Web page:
It’s never too early to teach children about money management. In a cashless society, technology plays a large role.
There are dozens of smartphone applications making it easier for kids, and parents, to balance chores and financial responsibilities.
“I think students should learn both what it’s like to operate with cash as well as — like most of us operate — with credit cards or debit cards,” said Jodi Bloemker, director of community investment with the United Way of St. Joseph. “You need to have an understanding of both.”
BusyKid, for example, allows kids to complete chores for a weekly allowance. Funds can be transferred to cash, gift cards or BusyKids’ Spend Card.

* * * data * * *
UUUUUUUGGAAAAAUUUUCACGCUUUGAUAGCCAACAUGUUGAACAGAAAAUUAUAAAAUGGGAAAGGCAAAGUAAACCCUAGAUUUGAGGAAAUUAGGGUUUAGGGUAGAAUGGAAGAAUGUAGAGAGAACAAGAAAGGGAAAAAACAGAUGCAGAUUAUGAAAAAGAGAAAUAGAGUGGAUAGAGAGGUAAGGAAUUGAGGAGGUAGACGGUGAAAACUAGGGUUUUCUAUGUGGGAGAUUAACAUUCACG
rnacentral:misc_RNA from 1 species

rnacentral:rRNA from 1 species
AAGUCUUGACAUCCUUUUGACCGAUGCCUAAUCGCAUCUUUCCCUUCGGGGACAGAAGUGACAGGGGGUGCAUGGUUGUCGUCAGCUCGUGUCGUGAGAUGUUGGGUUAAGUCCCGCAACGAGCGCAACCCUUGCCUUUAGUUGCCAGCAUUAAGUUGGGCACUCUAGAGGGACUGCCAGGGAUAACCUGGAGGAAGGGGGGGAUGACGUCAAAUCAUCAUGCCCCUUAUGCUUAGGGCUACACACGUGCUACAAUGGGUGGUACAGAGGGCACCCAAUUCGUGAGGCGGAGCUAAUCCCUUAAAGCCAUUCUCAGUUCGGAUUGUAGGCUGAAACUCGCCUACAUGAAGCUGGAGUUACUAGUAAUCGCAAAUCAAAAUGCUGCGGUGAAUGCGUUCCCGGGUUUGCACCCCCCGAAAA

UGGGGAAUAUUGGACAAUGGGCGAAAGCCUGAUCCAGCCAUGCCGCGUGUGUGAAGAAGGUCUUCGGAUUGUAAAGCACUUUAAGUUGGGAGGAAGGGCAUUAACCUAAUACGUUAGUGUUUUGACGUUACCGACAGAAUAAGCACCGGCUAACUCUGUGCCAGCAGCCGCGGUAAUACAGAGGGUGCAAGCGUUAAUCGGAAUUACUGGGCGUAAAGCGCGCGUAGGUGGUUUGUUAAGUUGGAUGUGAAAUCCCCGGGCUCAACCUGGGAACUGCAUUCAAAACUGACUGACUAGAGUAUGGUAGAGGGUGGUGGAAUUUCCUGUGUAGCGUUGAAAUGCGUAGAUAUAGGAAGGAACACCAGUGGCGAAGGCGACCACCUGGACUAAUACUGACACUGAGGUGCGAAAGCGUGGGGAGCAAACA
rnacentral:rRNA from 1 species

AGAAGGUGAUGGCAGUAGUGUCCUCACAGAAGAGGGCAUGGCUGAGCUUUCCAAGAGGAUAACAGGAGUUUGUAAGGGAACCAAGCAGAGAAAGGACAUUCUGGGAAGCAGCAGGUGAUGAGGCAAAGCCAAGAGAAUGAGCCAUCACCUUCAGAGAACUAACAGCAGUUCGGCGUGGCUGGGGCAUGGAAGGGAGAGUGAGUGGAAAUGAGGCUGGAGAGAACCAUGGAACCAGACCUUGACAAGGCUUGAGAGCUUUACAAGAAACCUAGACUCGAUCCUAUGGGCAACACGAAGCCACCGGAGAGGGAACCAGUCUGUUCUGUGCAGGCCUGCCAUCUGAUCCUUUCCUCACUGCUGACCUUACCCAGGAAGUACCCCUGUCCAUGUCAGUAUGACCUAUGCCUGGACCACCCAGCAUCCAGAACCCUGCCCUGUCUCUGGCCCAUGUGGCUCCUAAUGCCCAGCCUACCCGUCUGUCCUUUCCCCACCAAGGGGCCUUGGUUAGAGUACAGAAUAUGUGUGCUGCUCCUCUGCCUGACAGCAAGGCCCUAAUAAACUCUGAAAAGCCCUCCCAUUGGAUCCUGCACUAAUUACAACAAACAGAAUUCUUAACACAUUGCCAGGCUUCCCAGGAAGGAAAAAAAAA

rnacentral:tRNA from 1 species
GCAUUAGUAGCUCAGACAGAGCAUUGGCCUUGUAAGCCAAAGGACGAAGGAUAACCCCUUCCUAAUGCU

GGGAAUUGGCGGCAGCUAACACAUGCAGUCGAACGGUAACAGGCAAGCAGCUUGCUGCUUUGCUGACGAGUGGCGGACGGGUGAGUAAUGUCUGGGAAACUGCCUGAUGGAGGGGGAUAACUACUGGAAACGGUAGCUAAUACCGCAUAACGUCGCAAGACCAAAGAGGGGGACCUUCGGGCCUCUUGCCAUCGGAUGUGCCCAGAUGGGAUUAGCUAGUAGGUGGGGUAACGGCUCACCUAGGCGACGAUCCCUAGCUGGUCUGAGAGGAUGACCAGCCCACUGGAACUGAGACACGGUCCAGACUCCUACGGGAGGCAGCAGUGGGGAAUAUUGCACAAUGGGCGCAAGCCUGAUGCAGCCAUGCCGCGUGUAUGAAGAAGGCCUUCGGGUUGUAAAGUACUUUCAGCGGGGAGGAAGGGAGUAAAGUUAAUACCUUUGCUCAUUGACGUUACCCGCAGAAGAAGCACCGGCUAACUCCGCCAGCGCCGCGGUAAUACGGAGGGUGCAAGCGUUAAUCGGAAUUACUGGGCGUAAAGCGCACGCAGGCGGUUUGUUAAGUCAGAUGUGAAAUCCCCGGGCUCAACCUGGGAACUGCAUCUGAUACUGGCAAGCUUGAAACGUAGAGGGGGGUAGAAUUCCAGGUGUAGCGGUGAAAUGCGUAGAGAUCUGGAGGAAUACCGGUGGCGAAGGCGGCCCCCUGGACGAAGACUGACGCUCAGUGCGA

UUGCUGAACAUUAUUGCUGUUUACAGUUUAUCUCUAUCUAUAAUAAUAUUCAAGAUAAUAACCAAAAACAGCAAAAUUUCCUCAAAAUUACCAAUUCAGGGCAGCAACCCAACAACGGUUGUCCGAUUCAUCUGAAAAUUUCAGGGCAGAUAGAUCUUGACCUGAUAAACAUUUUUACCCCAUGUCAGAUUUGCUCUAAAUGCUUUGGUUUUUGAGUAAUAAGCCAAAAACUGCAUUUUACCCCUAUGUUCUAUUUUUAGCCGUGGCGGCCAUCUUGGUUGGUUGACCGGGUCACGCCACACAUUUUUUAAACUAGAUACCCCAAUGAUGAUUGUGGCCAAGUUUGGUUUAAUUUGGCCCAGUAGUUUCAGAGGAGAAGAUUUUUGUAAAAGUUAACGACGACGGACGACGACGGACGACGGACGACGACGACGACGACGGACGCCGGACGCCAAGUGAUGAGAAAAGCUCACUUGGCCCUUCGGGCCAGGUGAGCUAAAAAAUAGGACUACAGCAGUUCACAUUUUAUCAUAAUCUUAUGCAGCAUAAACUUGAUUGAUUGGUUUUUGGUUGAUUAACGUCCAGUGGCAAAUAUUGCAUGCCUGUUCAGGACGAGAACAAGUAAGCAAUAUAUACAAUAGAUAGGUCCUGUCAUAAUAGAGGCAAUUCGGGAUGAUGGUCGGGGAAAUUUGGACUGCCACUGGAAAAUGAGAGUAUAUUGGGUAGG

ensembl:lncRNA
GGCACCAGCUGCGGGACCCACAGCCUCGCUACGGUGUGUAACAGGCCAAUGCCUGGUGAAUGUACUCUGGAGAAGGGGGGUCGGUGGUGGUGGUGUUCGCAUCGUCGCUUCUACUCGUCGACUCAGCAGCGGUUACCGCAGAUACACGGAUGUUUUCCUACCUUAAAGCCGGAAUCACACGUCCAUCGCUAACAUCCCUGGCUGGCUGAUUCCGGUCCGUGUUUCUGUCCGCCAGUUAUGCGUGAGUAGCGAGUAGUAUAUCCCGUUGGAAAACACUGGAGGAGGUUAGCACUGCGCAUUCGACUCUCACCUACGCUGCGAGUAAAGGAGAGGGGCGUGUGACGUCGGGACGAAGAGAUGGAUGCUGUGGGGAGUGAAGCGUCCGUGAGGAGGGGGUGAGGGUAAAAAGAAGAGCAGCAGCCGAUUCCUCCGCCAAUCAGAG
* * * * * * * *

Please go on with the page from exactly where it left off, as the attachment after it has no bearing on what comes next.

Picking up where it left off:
But the technology also is helping kids learn investments and generosity. Children of all ages are able to buy stock or donate to a charity. Stock options on the app include Disney, Xbox, Apple, Ford, Nestle and Google.
For charities, a preset amount of 10 percent can be transferred to a preferred organization each week or moved to a parent in order to pay in cash.
“It’s important for children to see that, ‘oh, it’s just on this card, it’s not real money,’” Bloemker said. “I think it is important for them to see that, ‘no, there’s really dollars tied to that.’ It’s not just a swipe of the card and then money goes somewhere.”
There are a handful of charities tied into the BusyKid app including the American Red Cross, Boys & Girls Clubs of America, The Humane Society, Children’s Miracle Network, Make-A-Wish, Special Olympics, Toys For Tots and the Ronald McDonald House Charities.